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Fragment 19

This timeline with events directly or indirectly related to the Antikythera Mechanism was initially compiled by Alexander Jones and Yanis Bitsakis, for the volume "Antikythera Mechanism: the Book".
The page is regularly updated with new events.

See also the database of the people involved in the research and other activities around the Antikythera Mechanism and the shipwreck (ongoing work)

776 BC Traditional date of first Olympic Games.
8th - 6th centuries BC Settlers from Corinth found colonies in Corfu, Epirus, and Syracuse.
681-627 BC Astrologer-scholars observe and interpret astronomical phenomena for Kings Esarhaddon and Ashurbanipal of Assyria. Discovery of Saros eclipse cycle?
484 BC Babylonian calendar begins to be regulated by 19-year cycles.
c. 450 BC Anaxagoras gives correct physical explanations of the phases of the Moon and eclipses.
432 BC Inaugural year of Meton of Athens's 19-year calendar cycle.
c. 400 BC Standardized zodiac adopted by Babylonian astronomers.
c. 340-330 BC Antikythera Ephebe.
330 BC Inaugural year of Kallippos's 76-year calendar cycle.
c. 300 BC Mechanical Problems, by a follower of Aristotle, describes basic principle of (toothless) gears.
c. 230 BC Antikythera Philosopher.
212 BC Archimedes killed after Rome captures Syracuse.
162-127 BC Hipparchos conducts astronomical observations and researches in Bithynia and Rhodes.
Late 3rd century - early 1st century BC Creation of a Mechanism know later as the “Antikythera Mechanism”
146 BC Rome destroys Corinth.
79-77 BC Cicero's travels in Greece; meets Posidonios in Rhodes.
c. 70 BC Geminos writes astronomical handbook, “Introduction to the Phenomena”.
69-67 BC Rome suppresses piracy in eastern Mediterranean.
c. 60 BC Antikythera Wreck.
51 BC Cicero writes “De Re Publica”, containing description of Archimedes's "sphere."
c. 150 Ptolemy writes “Almagest” and other scientific treatises at Alexandria; criticizes makers of astronomical mechanisms.
c. 500 Byzantine portable sundial with geared calendar.
1048 Death of al-Biruni, author of book on geared calendar.
1221-1222 Astrolabe with geared calendar made by Muhammad b. Abi Bakr in Isfahan.
1348-1364 Giovanni de Dondi constructs planetarium-clock, earliest known gearwork device of comparable complexity to Antikythera Mechanism.
Easter 1900 Sponge divers from Symi discover the shipwreck at Antikythera.
1900 (November) Salvage operations begin under government supervision.
1900 (December) First fragments of the Ephebe recovered.
1901 (probably July) Mechanism comes out of the sea.
1901 (September) salvage operations cease.
1902 (May) Mechanism identified within the Museum by Spyridon Stais (Saturday May 18, Julian calendar).
1902 (June) Mechanism fragments put on public display.
1903 Svoronos publishes his book on the shipwreck.
1905 Conservation work on the fragments.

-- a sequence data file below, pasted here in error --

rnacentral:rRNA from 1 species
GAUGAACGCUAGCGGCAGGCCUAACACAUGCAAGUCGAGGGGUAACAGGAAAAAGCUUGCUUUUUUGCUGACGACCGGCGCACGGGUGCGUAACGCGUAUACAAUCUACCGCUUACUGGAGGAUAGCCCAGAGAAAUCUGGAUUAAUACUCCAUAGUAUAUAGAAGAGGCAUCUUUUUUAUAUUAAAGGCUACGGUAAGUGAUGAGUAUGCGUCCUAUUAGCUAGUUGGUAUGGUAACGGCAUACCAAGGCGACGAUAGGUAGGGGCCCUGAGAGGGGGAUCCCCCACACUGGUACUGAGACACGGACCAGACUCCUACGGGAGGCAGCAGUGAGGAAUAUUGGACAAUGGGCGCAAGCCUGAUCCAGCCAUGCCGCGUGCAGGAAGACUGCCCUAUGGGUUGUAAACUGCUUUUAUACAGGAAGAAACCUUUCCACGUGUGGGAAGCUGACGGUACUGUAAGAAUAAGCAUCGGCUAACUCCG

1905-1906 Rehm studies the fragments.
1906 Rehm's lecture about the Planetarium read in Athens.
1934 Theofanidis gives a lecture at the Academy of Athens and present his model.
1953 Cousteau reestablishes the location of the Antikythera wreck.
1953 Conservation work at the National Archaeological Museum.
1958 Price studies Mechanism in the Museum.
1959 Price publishes in “Scientific American”.
1971-1972 Karakalos makes radiographs of the Mechanism.
1974 Price publishes “Gears from the Greeks”.
1976 Cousteau dive at Antikythera.
1990 First results from Bromley’s and Wright’s research.
1995 Publication by Wright-Bromley-Magou.
2005 (September) Wright presents his model with Planetarium, while the Antikythera Mechanism Research Project begins with the PTM surface imaging technique.
2005 (October) The “Blade Runner” CT scanner arrives in Athens. New inscriptions revealed through X-rays.
2006 (November) First publication in “Nature” about the Mechanism, coincides with international conference.
2008 (July) Second publication in “Nature” about the Mechanism, coincides with Olympic Games.
2011 (October) Presentation of the Hublot “Antikythera” movement at the Musée des Arts et Métiers in Paris.
2012 (April) Antikythera Shipwreck exhibition in Athens.
2012 (October) Divers from the Hellenic Ephorate of Underwater Antiquities and the Woods Hole Oceanographic Institution go back at the Antikythera Shipwreck. New artefacts recovered.
2013 (October) Second dive at the Antikythera Shipwreck by the Ephorate and Woods Hole team. Discovery of a possible second shipwreck.
2014 (September) The “Return to Antikythera” expedition begins, with the "Exosuit" diving suite.
2015 (June and September) Next two seasons of the “Return to Antikythera” expedition.
2016 (May) New season of the “Return to Antikythera” expedition expedition.
2016 (June) Publication of the full corpus of inscriptions of the Antikythera Mechanism.
2017 (September) New season of the “Return to Antikythera” expedition expedition. Discovery of the "Bull" artefact that has similarities with the fragments of the Antikythera Mechanism.
2019 (October) New season of the “Return to Antikythera” expedition expedition with the "Typhoon" research vessel.